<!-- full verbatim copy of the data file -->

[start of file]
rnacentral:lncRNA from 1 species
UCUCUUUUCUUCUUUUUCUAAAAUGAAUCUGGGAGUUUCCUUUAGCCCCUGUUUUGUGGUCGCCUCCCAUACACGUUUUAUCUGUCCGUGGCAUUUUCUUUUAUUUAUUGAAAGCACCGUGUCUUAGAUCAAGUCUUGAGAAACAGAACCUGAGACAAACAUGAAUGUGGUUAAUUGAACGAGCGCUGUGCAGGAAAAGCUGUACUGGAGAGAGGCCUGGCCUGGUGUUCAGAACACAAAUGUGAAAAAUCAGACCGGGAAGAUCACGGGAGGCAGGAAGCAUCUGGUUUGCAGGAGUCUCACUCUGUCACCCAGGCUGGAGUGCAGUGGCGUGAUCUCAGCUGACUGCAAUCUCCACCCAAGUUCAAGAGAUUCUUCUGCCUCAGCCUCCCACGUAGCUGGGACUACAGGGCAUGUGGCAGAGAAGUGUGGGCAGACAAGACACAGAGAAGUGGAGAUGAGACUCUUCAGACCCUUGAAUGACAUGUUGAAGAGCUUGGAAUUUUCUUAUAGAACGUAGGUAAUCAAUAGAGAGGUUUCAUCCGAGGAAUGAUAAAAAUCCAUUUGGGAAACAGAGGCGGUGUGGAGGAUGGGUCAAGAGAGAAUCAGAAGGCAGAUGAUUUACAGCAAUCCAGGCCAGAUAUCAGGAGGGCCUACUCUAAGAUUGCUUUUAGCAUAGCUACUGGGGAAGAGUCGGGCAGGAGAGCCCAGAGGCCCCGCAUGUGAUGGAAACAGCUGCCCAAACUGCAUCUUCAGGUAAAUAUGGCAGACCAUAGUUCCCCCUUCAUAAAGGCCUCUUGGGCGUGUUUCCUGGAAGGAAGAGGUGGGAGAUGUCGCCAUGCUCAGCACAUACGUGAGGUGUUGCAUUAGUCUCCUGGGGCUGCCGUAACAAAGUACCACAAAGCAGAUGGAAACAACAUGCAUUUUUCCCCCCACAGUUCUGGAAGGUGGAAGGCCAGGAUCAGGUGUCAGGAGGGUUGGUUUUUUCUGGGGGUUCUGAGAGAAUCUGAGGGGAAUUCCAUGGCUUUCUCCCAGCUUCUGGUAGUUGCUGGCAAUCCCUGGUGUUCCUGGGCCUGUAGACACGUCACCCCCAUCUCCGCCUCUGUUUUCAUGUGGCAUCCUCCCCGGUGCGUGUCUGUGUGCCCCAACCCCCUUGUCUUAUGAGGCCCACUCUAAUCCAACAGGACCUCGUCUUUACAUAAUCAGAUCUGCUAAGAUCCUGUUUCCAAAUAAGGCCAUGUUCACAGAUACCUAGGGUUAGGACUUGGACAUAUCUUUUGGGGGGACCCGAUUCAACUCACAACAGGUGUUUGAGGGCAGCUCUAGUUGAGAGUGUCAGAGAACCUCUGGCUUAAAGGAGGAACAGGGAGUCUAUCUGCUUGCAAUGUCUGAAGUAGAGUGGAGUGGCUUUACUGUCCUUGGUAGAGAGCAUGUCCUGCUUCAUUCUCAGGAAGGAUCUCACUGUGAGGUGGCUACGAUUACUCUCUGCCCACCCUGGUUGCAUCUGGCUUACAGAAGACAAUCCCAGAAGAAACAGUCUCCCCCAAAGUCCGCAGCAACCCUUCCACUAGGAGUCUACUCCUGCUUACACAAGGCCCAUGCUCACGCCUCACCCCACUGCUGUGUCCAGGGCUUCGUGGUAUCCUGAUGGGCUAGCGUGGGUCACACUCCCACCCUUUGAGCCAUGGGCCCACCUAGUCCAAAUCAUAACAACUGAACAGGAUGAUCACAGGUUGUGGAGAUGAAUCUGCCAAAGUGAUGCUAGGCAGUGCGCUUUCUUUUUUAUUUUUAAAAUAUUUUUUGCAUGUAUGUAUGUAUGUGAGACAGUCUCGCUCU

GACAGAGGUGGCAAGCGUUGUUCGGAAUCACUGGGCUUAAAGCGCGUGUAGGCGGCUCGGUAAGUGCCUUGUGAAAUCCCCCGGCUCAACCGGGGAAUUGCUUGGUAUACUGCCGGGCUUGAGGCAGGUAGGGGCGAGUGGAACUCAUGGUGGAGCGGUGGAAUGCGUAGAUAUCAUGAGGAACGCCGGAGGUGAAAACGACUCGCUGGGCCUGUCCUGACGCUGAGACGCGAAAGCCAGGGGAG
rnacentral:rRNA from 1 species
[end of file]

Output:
rnacentral:lncRNA from 1 species
UCUCUUUUCUUCUUUUUCUAAAAUGAAUCUGGGAGUUUCCUUUAGCCCCUGUUUUGUGGUCGCCUCCCAUACACGUUUUAUCUGUCCGUGGCAUUUUCUUUUAUUUAUUGAAAGCACCGUGUCUUAGAUCAAGUCUUGAGAAACAGAACCUGAGACAAACAUGAAUGUGGUUAAUUGAACGAGCGCUGUGCAGGAAAAGCUGUACUGGAGAGAGGCCUGGCCUGGUGUUCAGAACACAAAUGUGAAAAAUCAGACCGGGAAGAUCACGGGAGGCAGGAAGCAUCUGGUUUGCAGGAGUCUCACUCUGUCACCCAGGCUGGAGUGCAGUGGCGUGAUCUCAGCUGACUGCAAUCUCCACCCAAGUUCAAGAGAUUCUUCUGCCUCAGCCUCCCACGUAGCUGGGACUACAGGGCAUGUGGCAGAGAAGUGUGGGCAGACAAGACACAGAGAAGUGGAGAUGAGACUCUUCAGACCCUUGAAUGACAUGUUGAAGAGCUUGGAAUUUUCUUAUAGAACGUAGGUAAUCAAUAGAGAGGUUUCAUCCGAGGAAUGAUAAAAAUCCAUUUGGGAAACAGAGGCGGUGUGGAGGAUGGGUCAAGAGAGAAUCAGAAGGCAGAUGAUUUACAGCAAUCCAGGCCAGAUAUCAGGAGGGCCUACUCUAAGAUUGCUUUUAGCAUAGCUACUGGGGAAGAGUCGGGCAGGAGAGCCCAGAGGCCCCGCAUGUGAUGGAAACAGCUGCCCAAACUGCAUCUUCAGGUAAAUAUGGCAGACCAUAGUUCCCCCUUCAUAAAGGCCUCUUGGGCGUGUUUCCUGGAAGGAAGAGGUGGGAGAUGUCGCCAUGCUCAGCACAUACGUGAGGUGUUGCAUUAGUCUCCUGGGGCUGCCGUAACAAAGUACCACAAAGCAGAUGGAAACAACAUGCAUUUUUCCCCCCACAGUUCUGGAAGGUGGAAGGCCAGGAUCAGGUGUCAGGAGGGUUGGUUUUUUCUGGGGGUUCUGAGAGAAUCUGAGGGGAAUUCCAUGGCUUUCUCCCAGCUUCUGGUAGUUGCUGGCAAUCCCUGGUGUUCCUGGGCCUGUAGACACGUCACCCCCAUCUCCGCCUCUGUUUUCAUGUGGCAUCCUCCCCGGUGCGUGUCUGUGUGCCCCAACCCCCUUGUCUUAUGAGGCCCACUCUAAUCCAACAGGACCUCGUCUUUACAUAAUCAGAUCUGCUAAGAUCCUGUUUCCAAAUAAGGCCAUGUUCACAGAUACCUAGGGUUAGGACUUGGACAUAUCUUUUGGGGGGACCCGAUUCAACUCACAACAGGUGUUUGAGGGCAGCUCUAGUUGAGAGUGUCAGAGAACCUCUGGCUUAAAGGAGGAACAGGGAGUCUAUCUGCUUGCAAUGUCUGAAGUAGAGUGGAGUGGCUUUACUGUCCUUGGUAGAGAGCAUGUCCUGCUUCAUUCUCAGGAAGGAUCUCACUGUGAGGUGGCUACGAUUACUCUCUGCCCACCCUGGUUGCAUCUGGCUUACAGAAGACAAUCCCAGAAGAAACAGUCUCCCCCAAAGUCCGCAGCAACCCUUCCACUAGGAGUCUACUCCUGCUUACACAAGGCCCAUGCUCACGCCUCACCCCACUGCUGUGUCCAGGGCUUCGUGGUAUCCUGAUGGGCUAGCGUGGGUCACACUCCCACCCUUUGAGCCAUGGGCCCACCUAGUCCAAAUCAUAACAACUGAACAGGAUGAUCACAGGUUGUGGAGAUGAAUCUGCCAAAGUGAUGCUAGGCAGUGCGCUUUCUUUUUUAUUUUUAAAAUAUUUUUUGCAUGUAUGUAUGUAUGUGAGACAGUCUCGCUCU

GACAGAGGUGGCAAGCGUUGUUCGGAAUCACUGGGCUUAAAGCGCGUGUAGGCGGCUCGGUAAGUGCCUUGUGAAAUCCCCCGGCUCAACCGGGGAAUUGCUUGGUAUACUGCCGGGCUUGAGGCAGGUAGGGGCGAGUGGAACUCAUGGUGGAGCGGUGGAAUGCGUAGAUAUCAUGAGGAACGCCGGAGGUGAAAACGACUCGCUGGGCCUGUCCUGACGCUGAGACGCGAAAGCCAGGGGAG
rnacentral:rRNA from 1 species